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Modeling the Evolution of Ideological Landscapes Through Opinion Dynamics

  • Jan LorenzEmail author
Conference paper
Part of the Advances in Intelligent Systems and Computing book series (AISC, volume 528)

Abstract

This paper explores the possibilities to explain the stylized facts of empirically observed ideological landscapes through the bounded confidence model of opinion dynamics. Empirically, left–right self-placements are often not normally distributed but have multiple peaks (e.g., extreme-left-center-right-extreme). Some stylized facts are extracted from histograms from the European Social Survey. In the bounded confidence model, agents repeatedly adjust their ideological position in their ideological neighborhood. As an extension of the classical model, agents sometimes completely reassess their opinion depending on their ideological openness and their propensity for reassessment, respectively. Simulations show that this leads to the emergence of clustered ideological landscapes similar to the ones observed empirically. However, not all stylized facts of real world ideological landscapes can be reproduced with the model.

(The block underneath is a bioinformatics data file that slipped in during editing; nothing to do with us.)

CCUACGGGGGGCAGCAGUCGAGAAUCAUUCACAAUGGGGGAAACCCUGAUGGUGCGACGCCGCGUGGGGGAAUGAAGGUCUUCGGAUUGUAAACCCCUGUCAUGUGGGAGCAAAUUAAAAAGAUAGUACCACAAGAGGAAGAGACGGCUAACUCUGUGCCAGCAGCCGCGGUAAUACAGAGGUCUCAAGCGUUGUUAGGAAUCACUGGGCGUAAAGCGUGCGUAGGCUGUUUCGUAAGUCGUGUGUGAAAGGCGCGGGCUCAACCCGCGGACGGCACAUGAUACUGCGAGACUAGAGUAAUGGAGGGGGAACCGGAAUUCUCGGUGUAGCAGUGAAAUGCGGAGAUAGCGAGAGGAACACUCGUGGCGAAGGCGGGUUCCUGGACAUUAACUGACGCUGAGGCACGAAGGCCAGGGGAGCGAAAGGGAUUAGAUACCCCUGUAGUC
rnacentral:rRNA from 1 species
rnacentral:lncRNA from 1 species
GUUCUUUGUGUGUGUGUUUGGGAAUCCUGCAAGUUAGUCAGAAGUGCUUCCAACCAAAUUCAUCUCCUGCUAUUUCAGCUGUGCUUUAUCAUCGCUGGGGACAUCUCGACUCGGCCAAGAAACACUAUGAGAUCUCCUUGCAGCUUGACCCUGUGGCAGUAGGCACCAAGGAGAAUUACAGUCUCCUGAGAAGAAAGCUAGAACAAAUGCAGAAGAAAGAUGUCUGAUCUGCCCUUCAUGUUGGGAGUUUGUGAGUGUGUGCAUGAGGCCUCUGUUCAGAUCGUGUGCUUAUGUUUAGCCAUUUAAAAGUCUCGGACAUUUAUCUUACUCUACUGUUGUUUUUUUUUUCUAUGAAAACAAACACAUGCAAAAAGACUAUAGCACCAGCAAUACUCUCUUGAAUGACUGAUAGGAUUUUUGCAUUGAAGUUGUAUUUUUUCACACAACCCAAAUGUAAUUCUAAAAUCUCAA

Changes in the model parameters show that the ideological landscapes are susceptible to interesting slow and abrupt changes. A long term goal is to integrate models of opinion dynamics into the classical spatial model of electoral competition as a dynamic element taking into account that voters themselves shape the political landscape by adjusting their positions and preferences through interaction.

Keywords

Continuous opinion dynamics Bounded confidence European social survey Stylized facts Homophile adaptation Random reconsideration Consensus Polarization Plurality 

Notes

Acknowledgements

Presented at ESSA@Work Groningen 2015. The author thanks Klaus Troitzsch, Nigel Gilbert, and Geeske Scholz for comments and advice. A former version of the paper was presented at ECPR General Conference Sept 3–6, 2014, Glasgow in the Panel P289 “Preference Formation and Formal Models of Politics.” Part of this research was funded by the German Research Council (DFG) grant no. LO2024/2-1 “Opinion Dynamics and Collective Decision: Procedures, Behavior and Systems Dynamics.”

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Copyright information

© Springer International Publishing AG 2017

Authors and Affiliations

  1. 1.Jacobs University BremenFocus Area Diversity and Bremen International Graduate School of Social Sciences (BIGSSS)BremenGermany

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